Walker v. Trane U.S., Inc.

Filing 22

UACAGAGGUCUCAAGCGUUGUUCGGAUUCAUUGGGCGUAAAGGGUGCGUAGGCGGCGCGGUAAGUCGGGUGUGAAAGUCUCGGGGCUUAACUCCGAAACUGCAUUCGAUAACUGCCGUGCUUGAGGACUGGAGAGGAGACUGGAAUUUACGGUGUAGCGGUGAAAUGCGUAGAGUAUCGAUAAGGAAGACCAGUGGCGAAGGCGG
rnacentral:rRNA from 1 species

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IN THE UNITED STATES DISTRICT COURT FOR THE MIDDLE DISTRICT OF TENNESSEE NASHVILLE DIVISION BEATE E. WALKER, Plaintiff, v. TRANE U.S., INC., Defendant. ) ) ) ) ) ) ) ) ) Case No. 3:15-cv-01496 Judge Aleta A. Trauger MEMORANDUM Plaintiff Beate Walker filed her Verified Complaint (Doc. No. 1) in December 2015, asserting a claim of discrimination on the basis of gender in violation of Title VII of the Civil Rights Act of 1964, 42 U.S.C. § 2000e. Now before the court is the defendant’s Motion for Summary Judgment. (Doc. No. 13.) The motion has been fully briefed and is ripe for review. For the reasons set forth herein, the court will grant the motion and dismiss this case with prejudice. I. MATERIAL FACTS1 Defendant Trane U.S., Inc. (“Trane”) is engaged in the manufacture of industrial heating, cooling, and ventilation systems. It operates a manufacturing plant in Clarksville, Tennessee, employing approximately 1200 people. Walker was employed by Trane as a production leader from 1998 until her discharge on February 5, 2014. A production leader supervises 25 to 50 hourly production-line employees and is responsible for safety, quality, delivery, employee morale, and employee engagement. In 2012, Trane conducted a series of “roundtable” meetings in which hourly employees 1 These facts are drawn from Plaintiff’s Response to Defendant’s Statement of Undisputed Material Facts (Doc. No. 20-1) and are undisputed for purposes of the Motion for Summary Judgment, unless otherwise indicated. 2 provided the human resources department with feedback about their work environments. During the roundtable meetings, employees complained about several of their production leaders. According to Erin O’Connor-Dziedzic (“O’Connor”), who was at that time Trane’s human resources manager, the purpose of these meetings was “to determine what was causing the morale issues amongst hourly employees” in the particular production area where Walker was assigned to work. (O’Connor Decl. ¶ 3, Doc. No. 17.) O’Connor attended these meetings; line-management did not. (Id. ¶ 3.) O’Connor avers that the complaints about Walker, of all the production leaders, “were, by far, the most pronounced.” (Id. ¶ 4.) “Specifically,” she said, “I heard time and again that Ms. Walker frequently employed a bullying, belittling, and generally abusive communication style when interacting with her hourly subordinates.” (Id.)2 After the roundtable meetings, O’Connor met with plant management to discuss options for addressing the morale issues. At one of these meetings, Trane management discussed discharging Walker. (O’Connor Decl. ¶¶ 5–6; York Dep. 76, Doc. No. 16-8.) Instead of discharging her at that time, however, the company agreed that production manager Jason York would provide Walker with a “fresh start” by permitting her to transfer to the area of the plant that he managed—the “Voyager 3” production line. Up until that time, Walker had worked in the “Voyager 2” production area under production manager Kevin Frilling. 2 Walker attempts to refute O’Connor’s assertion that the complaints about Walker were more pronounced than those concerning other supervisors by pointing out that Trane has not produced any documentation of the results of the roundtable meetings. (Pl.’s Resp. to Def.’s Statement of Undisp. Facts ¶ 9, Doc. No. 20-1.) O’Connor, however, was present in the meetings and is competent to testify about what she witnessed. In addition, Walker has not established that any documentation of those meetings was actually created. Walker also points to the deposition testimony of her supervisor in 2013, where he was asked about the 2013 Employee Engagement Consensus Survey. (York Dep. 86–88, Doc. No. 20-4, at 28–30.) That survey, which did yield written results, is completely separate from the 2012 roundtable meetings. 3 Around June 27, 2012, Frilling and O’Connor together drafted a memorandum to Walker (the “June 2012 Memo”), ostensibly from Frilling, regarding her reassignment. (O’Connor Decl. ¶ 7; Doc. No. 16-3.) This Memo states: As you know, the Company has been conducting a series of roundtable meetings with employees on the Voyager 2 production line to gain a better understanding of issues driving high turnover. Feedback from the employee population identifies your behavior in the workplace as significantly contributing to a poor work environment. You have been coached in the past about needing to control your temper and behave in a professional manner. You are being moved to a new department in the hopes that this new environment will enable you to address any leadership deficiencies and learn to respond to employee issues and production issues in an acceptable, supportive and productive manner. Beate, it is imperative that you understand that further unacceptable or inappropriate behavior on your part will result in termination of your employment. The Company offers a variety of resources that you may find helpful as you work to make required improvements. I encourage you to reach out to the Employee Assistance Program for personal support, and I also encourage you to identify courses, either through our Learning Management System, or through community or professional agencies for training. Our leadership team is prepared to assist and support your [sic] with this training; however, you must understand that responsibility to correct these issues is yours. I am hopeful that you can make and sustain the required improvements to allow you to become a successful member of the Trane team. Please let me know what assistance you require. Effective July 1, 2012, you will be reporting to Jason York. Jason is aware of the reasons for this decision and is also available to provide guidance, training and support. (Doc. No. 16-3 (emphasis added).) A handwritten notation indicates that O’Connor met with Walker on July 10, 2012 to discuss the June 2012 Memo, which Walker refused to sign. O’Connor also wrote across the bottom of the Memo: “Complaints from employees – numerous employees – about disrespectful behavior. Discussed incident with Rose Worthington recently when Beate cursed at her. She is losing trust from mgmt & employees.” (Id.) Walker testified 4 that she received the memorandum, which she characterized as a “writeup”: “According to the company, I was written up for – they had a roundtable meeting. There was a meeting with the hourly employees. And they say I was verbally abusing [hourly employees].” (Walker Dep. 29– 30, Doc. No. 16-2.) Walker does not accuse Frilling of discriminating against her on the basis of gender. Rather, despite the clarity of the June 2012 Memo, Walker insists that Frilling never counseled her on how she treated other employees or indicated that there was a problem with her management, and he “was as surprised as [she] was that [she] was given a Reassignment of Work Location.” (Walker Aff. ¶ 3, Doc. No. 20-3.) Although she does not deny receiving the June 2012 Memo or speaking with O’Connor about it, she claims she was “never given details about what she was doing wrong or who [she] was supposed to be abusing.” (Id. ¶ 5.) She complains that she was never allowed to refute the allegations against her or show O’Connor the evidence that she had less employee turnover than the other production leaders on her line. (Id. ¶¶ 8–9.) In July 2012, Walker began working in the Voyager 3 production area, where she was supervised by Jason York. According to O’Connor, “[w]ithin several months of Ms. Walker’s transfer to Voyager 3, hourly employees began coming to [O’Connor’s] office and complaining about Ms. Walker’s abusive management style.” (O’Connor Decl. ¶ 9.) In March 2013, York completed the 2012 Year End Performance and Leadership Competency Review for Walker. (Doc. No. 16-6.) He noted that “the company cannot ignore Beate’s problems early in the year. Specifically, verbal abuse to hourly employees.” (Doc. No. 16-6, at 5.) That comment pertained to the behavior that prompted Walker’s move to the Voyager 3 production area and that predated York’s supervision of Walker. York’s evaluation of 5 Walker’s performance during the six months of 2012 when Walker was actually under York’s supervision was essentially positive, except in the areas of “Builds Talent and Capability” and “Coaches for Performance,” where she was rated as having “Low Proficiency” and “No to Very Low Proficiency.” (Doc. No. 16-6, at 6.) In September 2013, Trane conducted a company-wide employee engagement survey. (Doc. No. 6-7.) Walker denies receiving a copy of the survey; she maintains instead that she was shown only her “percentage rating” in the survey and not the responses of the hourly employees who reported to her. (Pl.’s Decl. ¶ 10, Doc. No. 20-3.) According to O’Connor, “[t]he employee engagement scores for areas Ms. Walker supervised were disproportionately negative.” (O’Connor Decl. ¶ 10.) Walker objects that the defendant has not provided documentation of other production leaders’ results. (Pl.’s Resp. to Def.’s Statement of Undisp. Facts ¶ 20, Doc. No. 20-1.)3 Shortly after the results of the engagement survey were released, Jason York conducted a survey of the Voyager 3 hourly employees called “Start, Stop, Continue.” The employees filled 3 Walker also contends that her results were not as unfavorable as Trane maintains. She states: York testified that Walker’s score for the standard “I am proud I work for the company” was 55% whereas his own was only 49%. York testified that this was because York’s own scores were based upon a combination of all production leaders’ score[s]. For York’s scores to be lower than Plaintiff’s scores, the other production leaders’ scores had to be even lower tha[n] Plaintiff’s. (Pl.’s Resp. to Def.’s Statement of Undisp. Facts ¶ 20, Doc. No. 20-1 (citing York Dep. 86–88, Doc. No. 20-4); see also Doc. No. 16-7, at 16.) There are other areas as well in which the plaintiff’s “Favorable” rating percentage is higher than York’s. However, the plaintiff’s ratings are substantially lower in such areas as “Employees are getting the training they need to keep up with customer demands,” “My immediate manager gives me feedback that helps me improve my performance,” “My immediate manager provides me with recognition or praise for good work,” and “The coaching I receive from my immediate manager is helpful in improving my performance.” (Doc. No. 16-7, at 18, 26–27.) Regardless, because neither party has adequately explained this 40-page document or how to interpret it, the court accords it little weight. 6 out forms for each supervisor that simply asked them to list activities their supervisor should “start” doing, “stop” doing,” and “continue” doing. The form also provided space at the bottom for “Additional Comments.” (See Doc. No. 16-9.) According to York and O’Connor, the employees’ feedback about Walker was substantially worse than it was for the other supervisors in the Voyager 3 production area. (See York Dep. 106, Doc. No. 16-8 (“Ms. Walker’s ‘start, stop and continue’ negative comments compared to the other supervisors and production leaders, it was astronomically more negative with negative comments.”); O’Connor Decl. ¶ 12 (“I reviewed the ‘Start, Stop, Continue’ feedback relating to each of the leaders in Voyager-3. Ms. Walker’s feedback was by far the most negative.”).) Forty “Stop, Start, Continue” forms filled out by Walker’s supervisees are in the record. (Doc. No. 16-9.) Of these, approximately half provide negative or very negative comments. For example, many of the comments suggest that Walker “start” being fair and respecting people and “stop” playing favorites and “downing” people. (See, e.g., Doc. No. 16-9, at 1, 3, 4, 5, 7, 8, 10, 11, 13, 14, 15, 18, 22, 27.) Approximately a quarter of the surveys are neutral or provide both positive and negative comments4; another quarter are very positive.5 York and O’Connor met in January 2014 to discuss the results of the Start, Stop, Continue survey. (York Dep. 45, 93, Doc. No. 16-8; O’Connor Decl. ¶ 13.) In the same meeting, they discussed Walker’s low employee engagement scores on the employee engagement survey and the fact that O’Connor was continuing to hear complaints directly from hourly employees about Walker’s “abusive management style.” (O’Connor Decl. ¶ 13.) 4 For instance, some employees complain about favoritism but nonetheless commend Walker for being supportive or a “great supervisor.” (See, e.g., Doc. No. 16-9, at 33, 36.) 5 Positive comments include, “I have no problems with how Beate runs the line. I love having her as my forman [sic],” “I think she’s doing a great job!!” and “Doing a great job overall.” (Doc. No. 16-9, at 17, 19, 31.) 7 The evidence regarding who exactly made the decision to terminate Walker is somewhat conflicting. O’Connor testified that she and York together determined that Walker had not improved her management style since receiving the June 2012 Memo and that it would be necessary to terminate her employment. (O’Connor Decl. ¶ 14.) York testified that the decision was “a collaboration between human resources [i.e., O’Connor], [him]self, and the plant manager. And it was a unanimous consensus.” (York Dep. 45, Doc. No. 16-8.) He clarified that he and O’Connor presented the matter to the plant manager. (Id.) The defendant’s answer to the plaintiff’s Interrogatory No. 14, however, states that Kevin Frilling and Jason York made the decision to terminate Walker. (Doc. No. 20-19, at 10.) In any event, on February 5, 2014, O’Connor and York met with Walker and informed her that her employment was being terminated. Walker was told at the time she was terminated that it was “due to” the June 2012 Memo. The defendant presents evidence of other Trane supervisory employees who were disciplined or terminated around the same time for similar reasons. For example, Juarez Jarman, a male production leader, was discharged in February 2014, a few days after Walker, due to complaints about his management style. Buck Tidwell, a male production leader, was placed on a Performance Improvement Plan (“PIP”) in October 2014 (York Dep. Ex. 7, Doc. No. 20-9) for abusive behavior toward the employees he supervised. He was discharged sometime thereafter due to “performance issues.” (York Dep. 44, Doc. No. 16-8.)6 In addition, Dwight Byard, a male 6 The plaintiff alleges that Tidwell’s termination was characterized by the company as a reduction in force. In support of this assertion, she points only to a handwritten post-it note, of unidentified origin, that was purportedly included in the defendant’s Response to Plaintiff’s Request for Production of Documents (Doc. No. 20-20, at 33), stating “Josh Miller stated Tidwell’s termination was a reduction in force.” The record does not indicate who wrote this note. York testified that, regardless of how it was characterized, Tidwell was terminated for cause. 8 production leader, was demoted as a result of his low scores on the employee management survey. Valerie Woodby, a female production leader supervised by Kevin Frilling at the same time as Walker, received negative comments about her management style during the 2012 employee roundtable meetings. Like Walker, Woodby was given a “writeup” and moved to a new area. Thereafter, human resources did not receive any more complaints about Woodby’s management style. Woodby has since been promoted and remains employed by Trane. III. LEGAL STANDARD Rule 56 requires the court to grant a motion for summary judgment if “the movant shows that there is no genuine dispute as to any material fact and the movant is entitled to judgment as a matter of law.” Fed. R. Civ. P. 56(a). To win summary judgment on a particular claim, the moving defendant must show that, as a matter of undisputed material fact, the plaintiff cannot establish at least one essential element of that claim. Once the moving defendant makes its initial showing, the burden shifts to the plaintiff to provide evidence beyond the pleadings, “set[ting] forth specific facts showing that there is a genuine issue for trial.” Moldowan v. City of Warren, 578 F.3d 351, 374 (6th Cir. 2009); see also Celotex Corp. v. Catrett, 477 U.S. 317, 322–23 (1986). “In evaluating the evidence, the court must draw all inferences in the light most favorable to the non-moving party.” Moldowan, 578 F.3d at 374 (citing Matsushita Elec. Indus. Co. v. Zenith Radio Corp., 475 U.S. 574, 587 (1986)). At this stage, “‘the judge’s function is not . . . to weigh the evidence and determine the truth of the matter, but to determine whether there is a genuine issue for trial.’” Id. (quoting Anderson v. Liberty Lobby, Inc., 477 U.S. 242, 249 (1986)). But “[t]he mere existence of a scintilla of evidence in support of the [non-moving party’s] position will be insufficient,” and the party’s proof must be more than “merely colorable.” Anderson, 477 U.S. 242, at 252. An issue of 9 fact is “genuine” only if a reasonable jury could find for the non-moving party. Moldowan, 578 F.3d at 374 (citing Anderson, 477 U.S. at 252). IV. ANALYSIS Walker asserts one claim of sex discrimination in violation of Title VII, based on the termination of her employment in 2014. A plaintiff may prove unlawful discrimination by proffering either direct or indirect evidence. Tennial v. United Parcel Serv., Inc., 840 F.3d 292, 302 (6th Cir. 2016). In this case, the plaintiff proffers indirect evidence. To analyze Title VII claims using indirect evidence, the Sixth Circuit applies the burden-shifting approach established by the McDonnell Douglas line of cases. Id. See McDonnell Douglas Corp. v. Green, 411 U.S. 792, 802 (1973). Under this approach, Walker must first establish the elements of a prima facie case. To do so, she must show that she was (1) a member of a protected class, (2) subject to an adverse employment action, (3) qualified for the position, and (4) replaced by a person outside the protected class or treated differently than similarly situated employees outside the protected class. Tennial, 840 F.3d at 302 (citing Mitchell v. Toledo Hosp., 964 F.2d 577, 582 (6th Cir. 1992)). If Walker can establish these elements, then the burden shifts to Trane to articulate a legitimate, nondiscriminatory reason for the adverse employment action. McDonnell Douglas, 411 U.S. at 802. Assuming that Trane can clear that minimal hurdle, Walker can still survive the company’s motion for summary judgment if she can “identify evidence from which a reasonable jury could conclude that the proffered reason is actually a pretext for unlawful discrimination.” Tennial, 840 F.3d at 302 (citation omitted). A. Prima Facie Case Walker has established the elements of her prima facie case. First, as a woman, she is a 10 member of a protected class for purposes of her sex discrimination claim. Valentine-Johnson v. Roche, 386 F.3d 800, 814 (6th Cir. 2004). Second, her discharge is a classic example of an adverse employment action. Vincent v. Brewer Co., 514 F.3d 489, 495 (6th Cir. 2007). Third, she was objectively qualified for the position she held, and the defendant does not contend otherwise. Indeed, in light of the fact that Walker had held the position for more than fifteen years, Trane would have difficulty arguing that she was unqualified. See Cline v. Catholic Diocese of Toledo, 206 F.3d 651, 660–66 (6th Cir. 2000) (noting that determination of the “qualified” prong of the prima facie case will generally “involve assessing whether the plaintiff was meeting the employer’s expectations prior to the onset of the events that the employer cites as its reason for the termination”). And finally, Trane concedes that Walker was replaced by a male employee. (York Dep. 108, Doc. No. 16-8.) B. Legitimate, Non-Discriminatory Reason for Adverse Employment Action Because the plaintiff has established a prima facie case of discrimination, the burden shifts to the defendant to articulate a legitimate non-discriminatory reason for the adverse employment action. McDonnell Douglas, 411 U.S. at 802. “This is merely a burden of production, not of persuasion, and it does not involve a credibility assessment.” Upshaw v. Ford Motor Co., 576 F.3d 576, 585 (6th Cir. 2009). Trane has offered a legitimate, non-discriminatory reason for the discharge: it states that Walker was discharged due to repeated complaints about Walker’s abusive management style. Poor communication, management and leadership skills constitute legitimate, non-discriminatory reasons for an employee’s termination. See, e.g., Brown v. Ohio State Univ., 616 F. Supp. 2d 740, 751 (S.D. Ohio 2009) (“Reasons such as lack of leadership and management skills, the failure to accept problems within her responsibility, untimely completion of assignments, and 11 poor communication are legitimate non-discriminatory reasons for an employee's demotion or termination.” (collecting cases)). C. Pretext Because the employer has offered a nondiscriminatory reason for the adverse action, the burden shifts back to Walker to prove that the stated reason is pretextual. At this stage, the plaintiff has the burden to produce “sufficient evidence from which a jury could reasonably reject [the employer’s] explanation of why it fired her.” Chen v. Dow Chem. Co., 580 F.3d 394, 400 (6th Cir. 2009). In the Sixth Circuit, a plaintiff can show pretext in “three interrelated ways: (1) that the proffered reasons had no basis in fact, (2) that the proffered reasons did not actually motivate the employer’s action, or (3) that they were insufficient to motivate discharge.” Tingle v. Arbors at Hilliard, 692 F.3d 523, 530 (6th Cir. 2012) (citations omitted). The test should not be applied formalistically or rigidly. Rather, “[p]retext is a commonsense inquiry: did the employer fire the employee for the stated reason or not?” Chen, 580 F.3d at 400 n.4. 1. Whether the Proffered Reasons Have a Basis in Fact The proffered reason has a clear basis in fact. There is no dispute that the plaintiff received the June 2012 Memo after the human resources manager was made aware of numerous employees’ complaints about Walker. The Memo unequivocally notified her that her unprofessional behavior and failure to control her temper placed her job in jeopardy and that she was being moved to a different department “in hopes that this new environment will enable you to address any leadership deficiencies and learn to respond to employee issues and production issues in an acceptable, supportive and productive manner.” (Doc. No. 16-3.) The human resources manager, O’Connor, testified that she continued to receive complaints about Walker’s leadership style after the move, and the “Stop, Start, Continue” survey demonstrated a problem 12 with the plaintiff’s leadership style. Although the plaintiff disputes whether her evaluations were that much worse than those of other supervisors and contends that her conduct was not actually abusive, the information in Trane’s possession at the time it made the decision to terminate the plaintiff’s employment clearly was sufficient to give Trane reason to believe that a substantial number of Walker’s subordinates were unhappy with her leadership style.7 The fact that the plaintiff performed well in some areas and even that she was liked by some of her employees, as documented by her annual performance evaluations and the “Start, Stop, Continue” surveys, does not refute the evidence that she was not performing well in her interactions with a substantial percentage of her subordinates. So long as Trane had an honest belief that Walker was abusive to her employees, supported by reasonable reliance on particularized facts, she cannot establish that the company’s proffered reason was pretextual, even if it is ultimately shown to be incorrect. See Russell v. Univ. of Toledo, 537 F.3d 596, 605 (6th Cir. 2008) (“Under this circuit’s ‘modified honest-belief doctrine,’ for an employer to avoid a finding that its claimed nondiscriminatory reason was pretextual, the employer must be able to establish its reasonable reliance on the particularized facts that were before it at the time the decision was made.” (quoting Wright v. Murray Guard, Inc., 455 F.3d 702, 708 (6th Cir. 2006) (some internal quotation marks omitted)). In sum, the plaintiff has not presented sufficient evidence from which a jury could conclude that Trane’s proffered reason for firing her was false. 2. Whether the Proffered Reason Did Not Actually Motivate Discharge In an attempt to show that the proffered reason did not actually motivate the discharge, the plaintiff argues that (1) similarly situated male employees were treated more favorably than 7 The fact that some of her subordinates liked her a lot actually tends to substantiate the comments from others that she had “pets” and “favorites.” (See, e.g., Doc. No. 16-9, at 3, 4, 10.) 13 she was; and (2) the company did not follow its own policies prescribing progressive discipline. a. Similarly Situated Male Employees Walker points to Trane’s treatment of Dwight Byard, Ricky Brock, and Buck Tidwell, arguing that they were treated more favorably than she.8 According to Walker: (1) Byard, a production leader, testified that he was offered the option to accept a demotion to the position of quality tech in October 2014, as a result of low employee survey scores. (Byard Dep. 5–6, Doc. No. 20-12, at 2–3.) (2) Brock, a production leader, received a written warning as a result of a harassment complaint in December 2006. (Doc. No. 20-14.) Brock was required to attend training sessions on “interpersonal skills” and “leadership skills” and allowed to keep his job. (Id.; Doc. No. 2015.) (3) Tidwell was a production leader supervised by Jason York. He was placed on a PIP in October 2014. (Doc. No. 20-9.) The PIP specifically identifies unacceptable behavior on the part of Tidwell throughout 2014, including arguing with employees, being physically threatening, and employing favoritism. The PIP identified very specific corrective actions Tidwell would be required to take, including that he should take two classes (“Leadership Essentials: Leading with 8 The plaintiff also points to an employee named Phelon Spencer as a comparator. Spencer was a production leader from 2008 through 2015. In 2011, he was given a PIP by Jason York, who supervised him at that time, for having a bad attitude and not attending “boards.” (Spencer Dep. 7–9, Doc. No. 20-18.) Spencer submitted a written rebuttal to human resources, contesting the factual bases for his PIP, after which he and the company came to a mutual agreement to remove the PIP from his file. According to the plaintiff, Spencer now has a “clean slate” and remains employed by Trane. (Doc. No. 20, at 17.) Trane objects to the introduction of evidence about Spencer, pointing out that the plaintiff has introduced additional facts in her Response in Opposition to the Motion for Summary Judgment that were not included in a separate statement of facts as to which the plaintiff contends there is a material factual dispute. The court concludes that the facts introduced by the plaintiff regarding Spencer do not establish that he was similarly situated in all material respects. In particular, it does not appear that Spencer was charged with abusive behavior or treating his supervisees disrespectfully. 14 Emotional Intelligence” and “Leadership Essentials: Motivating Employees”) and participate in “Respect Effect training” within thirty days. (Id.) The PIP notified him that “failure to address the described performance behaviors may result in further disciplinary action up to and including termination.” (Id.) Walker argues that these male production leaders, like the plaintiff, were accused of engaging in verbally abusive, harassing, or otherwise inappropriate behavior but, unlike Walker, they were not discharged. Byard was given the opportunity to take a demotion. Brock was found guilty of intimidating and harassing behavior only after a full investigation in which he was allowed to participate, and he was put on a PIP. Tidwell was placed on a PIP. Walker argues that she was never given the opportunity to refute the allegations against her; she was not placed on a PIP that specifically notified her what conduct was considered inappropriate; and she was never given specific instructions on how to correct her behavior. She asserts that the only other female production leader, Valerie Woodby, was similarly left to her own devices rather than being given a PIP and specific directives as to how to remedy her conduct. Walker argues that, if she had been given the same opportunities as the male employees, “there is no doubt that” she would have corrected her behavior. (Doc. No. 20, at 20.) In response, the defendant points out that the plaintiff, contrary to her assertion, was given notice of her unacceptable behavior and an opportunity to cure it, in the form of the June 2012 Memo. Byard, in contrast, received no written notice but simply a pay cut and demotion to a different position. Brock, Tidwell, and Woodby, like Walker, were all production leaders about whom the defendant received complaints of verbal abuse or harassment. All received some form of written notice: Brock received a written warning; Tidwell received a PIP; Walker and Woodby each received a “reassignment of work location” that also specifically placed them on 15 notice of inappropriate behavior. According to the defendant, after receiving the writing, Woodby and Brock reformed their behavior and remain employed by Trane. Woodby has even been promoted. Tidwell, however, was ultimately terminated due to “performance issues” and employee complaints about his management style. (York Dep. 39–44, Doc. No. 16-8.) Another production leader, Juarez Jarman, was also given written notice but failed to improve his conduct; he was fired the same week as Walker, due to complaints about his management style. (O’Connor Decl. ¶ 17; Trane EEO Response, Doc. No. 20-20, at 1–2.) Trane argues, in short, that it “treated production leaders guilty of abuse or harassment similarly in all material respects: Trane warned them in writing (albeit using different forms), offered them training and, if they did not improve their conduct, terminated them, regardless of gender.” (Doc. No. 21, at 5.) The court finds that, overall, the treatment of these various employees, although somewhat different from Walker’s treatment, was not markedly more favorable. And certainly not so favorable as to give rise to a permissible inference that the proffered reason for the plaintiff’s discharge was not the real reason. Rather, the treatment of these other production leaders confirms that Trane took complaints against its supervisors seriously and that it was not unusual for the company to discipline or terminate production leaders for inappropriate conduct or poor leadership skills. b. The Company’s Policies Prescribing Progressive Discipline Walker argues that Trane has in place a Performance Counseling Policy (Doc. No. 20-5) that, she argues, requires managers to follow a specific course of progressive discipline. She argues that Buck Tidwell received a PIP in compliance with the Performance Counseling Policy but that Jason York never gave her a PIP. Tidwell’s PIP, which was signed by human resources manager Josh Miller and by York, outlines specific corrective action that Tidwell was expected 16 to take, including completing two leadership classes and participating in “Respect Effect training.” (York Dep. Ex. 7, Doc. No. 20-9.) Regarding the plaintiff, however, York testified that it was not his “responsibility to teach someone how to be respectful to another person.” (York Dep. 47, Doc. No. 20-4.) Walker suggests that this discrepancy calls York’s credibility into question. She also points out that no other department used the anonymous “Start, Stop, Continue” survey that York used, and no other employees were fired as a result of this survey. In response, Trane asserts that the Performance Counseling Policy does not actually require a PIP. Rather, it states that “appropriate disciplinary action may have to be taken, up to and including termination, without prior warning or notice.” (Doc. No. 20-5.) Trane also argues that the differences between her treatment and that of other employees highlighted by the plaintiff amount to “minor differences” that “reflect permissible differences in how different human resources managers approached discipline.” (Doc. No. 21, at 4.) That is, three different human resources managers were involved in the disciplinary actions at issue here. HR Manager Privott Stroman issued Brock’s “Written Warning” in 2006. (Doc. No. 20-14.) HR Manager Erin O’Connor worked with Kevin Frilling to provide Walker and Woodby with their “Reassignment of Work Location” in 2012. (Doc. No. 17 ¶¶ 7–8.) HR Manager Josh Miller, who replaced O’Connor in February 2014, working with York, issued the PIP to Tidwell in October 2014. (Doc. No. 20-9; O’Connor Decl. ¶ 1.) Moreover, although the plaintiff complains that she should have been placed on a PIP prior to being terminated, Trane points out that only one of the male production leaders disciplined or terminated around the same time as the plaintiff for abusing or harassing employees received a PIP. In addition, while it is true that Tidwell’s PIP directed him to take training classes, Stroman instructed Brock to take certain training classes in his written warning; and O’Connor admonished Walker to take training classes in her written counseling. 17 The court finds that Trane’s failure to comply strictly with its own Performance Counseling Policy in its treatment of Walker is not suggestive of discrimination in this case, particularly because it is apparent that Trane regularly failed to comply with its own policy. While it is certainly advisable for a company to follow its written policies, failure to do so does not per se amount to evidence of discrimination. As set forth above, all of the employees disciplined for abusive leadership practices were treated basically consistently, with minor discrepancies that appear to be related to the identity of the production manager and human resources manager involved and when the action occurred. The minor factual discrepancies on which the plaintiff relies simply do not give rise to a reasonable inference that Trane’s proffered reasons did not actually motivate the decision to terminate Walker. 3. Whether the Proffered Reasons Were Insufficient to Motivate Discharge Poor management and leadership skills constitute legitimate, non-discriminatory reasons for an employee’s termination. Brown v. Ohio State Univ., 616 F. Supp. 2d at 751. Moreover, as set forth above, the record in this case makes it clear that Trane took seriously complaints about its production leaders’ attitudes and treatment of their subordinate employees. The fact that another employee, Juarez Jarman, was terminated for his abusive leadership tactics within days of the plaintiff’s termination further establishes that the proffered reasons were sufficient to motivate discharge. Walker attempts to argue that her conduct was less egregious than that of Jarman and Tidwell. Even assuming that the plaintiff’s conduct was less egregious, the record makes it clear that the complaints about her conduct were consistent and repeated. The plaintiff has not presented “sufficient evidence from which a jury could reasonably reject [Trane’s] explanation of why it fired her.” Chen v. Dow Chem. Co., 580 F.3d 394, 400 (6th Cir. 2009). 18 V. CONCLUSION For the reasons set forth herein, the court finds that the plaintiff has not established the existence of a material factual dispute to call into question the legitimacy of the defendant’s proffered reasons for terminating her employment. Because the plaintiff cannot establish that the defendant’s reasons are pretext for unlawful discrimination, the court will grant the defendant’s Motion for Summary Judgment. An appropriate order is filed herewith. ____________________________________ ALETA A. TRAUGER United States District Judge